AUSTIN (KXAN) — It’s been 100 years since the 38th Texas Legislature established the Texas State Park System in 1923, which is now home to 89 sites and 640,000 acres of public land. Now, the Bullock Texas State History Museum is commemorating the milestone with its “Art of Texas State Parks” exhibit, created in coordination with the Texas Parks & Wildlife Department.
Angie Glasker, the curator at the Bullock Texas State History Museum, said the exhibit features 34 paintings created by 30 artists of the various parks, natural areas and historic sites within the state park system. The idea initially came from TPWD, with the state department commissioning the artists and then approaching Bullock staff about an exhibit.
As a curator, she helped craft the space and decide on a theme for 34 paintings included.
“We decided that we were going to separate the exhibit into sections, according to Texas’ very diverse eco-regions, so that the exhibit felt almost like you’re touring the state and seeing how those landscapes change, sometimes vary significantly, depending upon what part of the state you’re in,” Glasker said.
The 30 artists created a total of 65 paintings, with 34 selected for the exhibit. Glasker said her main tasks were ensuring all the artists had at least one painting included, along with ensuring all of the various geographical regions in Texas were represented in the displayed collection.
The paintings employed a variety of mediums, from oils and acrylics to pastels. Glasker said there was an intentionality to the mediums the artists chose to help reflect how the parks and natural areas are seen from their viewpoint.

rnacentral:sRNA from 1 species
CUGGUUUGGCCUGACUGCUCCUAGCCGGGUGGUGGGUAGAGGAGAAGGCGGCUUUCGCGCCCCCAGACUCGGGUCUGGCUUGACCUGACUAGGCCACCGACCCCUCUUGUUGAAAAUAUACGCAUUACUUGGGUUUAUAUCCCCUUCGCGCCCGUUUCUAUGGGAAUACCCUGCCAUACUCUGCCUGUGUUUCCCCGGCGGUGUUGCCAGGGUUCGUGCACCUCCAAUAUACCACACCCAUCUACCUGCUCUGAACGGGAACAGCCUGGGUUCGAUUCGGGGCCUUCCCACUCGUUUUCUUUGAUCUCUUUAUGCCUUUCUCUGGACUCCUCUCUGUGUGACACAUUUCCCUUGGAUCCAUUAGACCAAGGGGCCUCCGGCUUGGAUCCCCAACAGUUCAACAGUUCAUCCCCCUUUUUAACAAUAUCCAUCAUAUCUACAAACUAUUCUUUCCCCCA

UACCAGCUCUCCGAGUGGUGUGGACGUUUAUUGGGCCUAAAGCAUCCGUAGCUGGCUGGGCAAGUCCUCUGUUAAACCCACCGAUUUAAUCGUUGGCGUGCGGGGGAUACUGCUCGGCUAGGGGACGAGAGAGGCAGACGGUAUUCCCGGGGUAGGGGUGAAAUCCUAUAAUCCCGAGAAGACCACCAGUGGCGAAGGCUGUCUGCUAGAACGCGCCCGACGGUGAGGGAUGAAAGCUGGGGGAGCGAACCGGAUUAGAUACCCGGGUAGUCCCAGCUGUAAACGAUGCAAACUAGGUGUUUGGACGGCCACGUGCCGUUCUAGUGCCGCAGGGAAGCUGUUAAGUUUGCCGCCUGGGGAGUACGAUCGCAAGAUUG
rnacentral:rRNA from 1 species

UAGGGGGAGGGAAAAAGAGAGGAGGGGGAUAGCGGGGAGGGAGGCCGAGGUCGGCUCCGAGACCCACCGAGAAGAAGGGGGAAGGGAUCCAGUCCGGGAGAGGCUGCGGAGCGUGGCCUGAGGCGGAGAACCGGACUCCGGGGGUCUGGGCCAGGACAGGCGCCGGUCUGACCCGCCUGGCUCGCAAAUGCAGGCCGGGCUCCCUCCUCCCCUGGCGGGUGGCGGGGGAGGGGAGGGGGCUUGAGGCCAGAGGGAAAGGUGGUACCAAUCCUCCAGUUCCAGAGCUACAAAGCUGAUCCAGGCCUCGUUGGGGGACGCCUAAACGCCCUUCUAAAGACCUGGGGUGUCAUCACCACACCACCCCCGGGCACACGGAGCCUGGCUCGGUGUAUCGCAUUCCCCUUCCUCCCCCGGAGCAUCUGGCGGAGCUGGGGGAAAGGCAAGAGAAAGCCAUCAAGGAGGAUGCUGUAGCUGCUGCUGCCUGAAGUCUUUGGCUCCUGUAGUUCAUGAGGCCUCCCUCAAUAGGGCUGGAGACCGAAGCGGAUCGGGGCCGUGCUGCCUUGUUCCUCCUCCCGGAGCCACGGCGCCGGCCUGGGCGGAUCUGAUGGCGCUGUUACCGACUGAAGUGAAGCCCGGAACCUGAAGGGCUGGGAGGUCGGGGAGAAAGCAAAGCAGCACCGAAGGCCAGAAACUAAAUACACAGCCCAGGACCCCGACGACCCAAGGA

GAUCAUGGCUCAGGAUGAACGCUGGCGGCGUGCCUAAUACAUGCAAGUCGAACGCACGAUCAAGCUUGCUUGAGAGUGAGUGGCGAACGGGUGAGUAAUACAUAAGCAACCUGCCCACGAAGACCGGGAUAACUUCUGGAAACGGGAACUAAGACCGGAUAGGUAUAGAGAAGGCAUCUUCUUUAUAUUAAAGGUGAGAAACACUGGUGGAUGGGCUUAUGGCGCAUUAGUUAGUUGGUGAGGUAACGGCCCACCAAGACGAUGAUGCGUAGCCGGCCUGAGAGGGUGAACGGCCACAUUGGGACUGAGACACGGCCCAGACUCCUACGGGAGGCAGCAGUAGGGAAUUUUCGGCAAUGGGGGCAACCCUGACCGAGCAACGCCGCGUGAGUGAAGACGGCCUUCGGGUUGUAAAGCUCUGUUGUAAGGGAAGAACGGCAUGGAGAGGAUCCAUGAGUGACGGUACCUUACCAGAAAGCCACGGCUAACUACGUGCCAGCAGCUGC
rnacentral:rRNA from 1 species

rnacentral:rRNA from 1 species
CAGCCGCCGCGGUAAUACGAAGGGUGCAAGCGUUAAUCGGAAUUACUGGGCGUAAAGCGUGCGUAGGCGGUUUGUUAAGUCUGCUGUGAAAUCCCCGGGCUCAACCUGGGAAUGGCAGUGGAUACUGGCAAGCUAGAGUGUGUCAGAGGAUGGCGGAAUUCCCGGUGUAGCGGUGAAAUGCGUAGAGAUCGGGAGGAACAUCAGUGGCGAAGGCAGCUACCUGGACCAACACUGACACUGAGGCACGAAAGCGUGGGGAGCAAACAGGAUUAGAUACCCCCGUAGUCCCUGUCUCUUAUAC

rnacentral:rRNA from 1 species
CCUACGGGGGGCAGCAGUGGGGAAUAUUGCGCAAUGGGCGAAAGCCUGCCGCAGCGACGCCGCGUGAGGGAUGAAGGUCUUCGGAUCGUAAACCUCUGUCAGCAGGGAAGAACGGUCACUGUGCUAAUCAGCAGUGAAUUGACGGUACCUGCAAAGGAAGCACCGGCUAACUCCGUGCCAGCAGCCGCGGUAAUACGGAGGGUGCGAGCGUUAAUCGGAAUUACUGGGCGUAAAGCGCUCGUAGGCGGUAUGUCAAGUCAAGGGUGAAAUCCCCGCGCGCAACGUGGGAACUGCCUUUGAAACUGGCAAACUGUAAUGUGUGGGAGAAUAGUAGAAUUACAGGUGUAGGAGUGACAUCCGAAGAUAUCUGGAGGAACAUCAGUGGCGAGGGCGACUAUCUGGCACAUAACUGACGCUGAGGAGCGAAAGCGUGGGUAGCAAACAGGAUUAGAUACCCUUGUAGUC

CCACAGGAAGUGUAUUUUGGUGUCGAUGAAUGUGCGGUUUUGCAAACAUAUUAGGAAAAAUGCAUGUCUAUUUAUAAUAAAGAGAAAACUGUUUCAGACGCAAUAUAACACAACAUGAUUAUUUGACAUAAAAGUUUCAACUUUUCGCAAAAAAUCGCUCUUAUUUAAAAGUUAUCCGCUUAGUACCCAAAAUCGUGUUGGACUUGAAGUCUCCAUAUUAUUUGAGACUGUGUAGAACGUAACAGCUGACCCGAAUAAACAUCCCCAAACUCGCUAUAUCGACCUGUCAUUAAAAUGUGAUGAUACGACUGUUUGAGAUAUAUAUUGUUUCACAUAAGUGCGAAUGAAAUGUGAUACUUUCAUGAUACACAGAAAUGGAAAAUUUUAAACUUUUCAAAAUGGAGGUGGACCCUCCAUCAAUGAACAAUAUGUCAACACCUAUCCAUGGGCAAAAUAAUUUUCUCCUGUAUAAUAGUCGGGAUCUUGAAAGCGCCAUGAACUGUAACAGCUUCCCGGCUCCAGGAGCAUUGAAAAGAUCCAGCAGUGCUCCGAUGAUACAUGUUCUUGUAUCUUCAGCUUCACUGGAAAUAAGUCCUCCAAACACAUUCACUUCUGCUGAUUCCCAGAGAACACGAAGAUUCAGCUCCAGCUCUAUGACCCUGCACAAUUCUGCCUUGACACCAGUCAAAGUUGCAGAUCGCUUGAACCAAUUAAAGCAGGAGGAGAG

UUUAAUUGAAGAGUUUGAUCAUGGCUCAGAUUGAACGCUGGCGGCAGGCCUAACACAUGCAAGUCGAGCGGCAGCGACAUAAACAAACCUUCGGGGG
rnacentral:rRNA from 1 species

“It does make for a very visually interesting exhibit because as you’re walking through, it’s not just the change in the landscape — it’s the change in a person’s perspective on what those landscapes are and how they can be achieved,” she said. “So very, very visually stunning exhibit when you’re actually standing in the gallery.”
Glasker said she hopes visitors recognize how vital it is to preserve these state parks and, in turn, Texas’ history. The exhibit includes paintings of natural areas from the early aughts of the state park system, like Mother Neff State Parks, to new sites not yet open to the public.
“They have been important to Texas for a very long time, and they’re a part of our identity,” she said. “I also hope that visitors come away with just that feeling of how unique Texas is, in terms of those landscapes.”
A book published on the 100th anniversary in conjunction with the exhibit will be available for purchase at the Bullock’s gift shop. The museum also hosts a free First Sunday every month, with family-friendly programming open to the public without cost. The Bullock has launched Third Thursdays, where the museum remains open to the public late on the third Thursday of the month.
The “Art of Texas State Parks” exhibit is open to the public through April 30.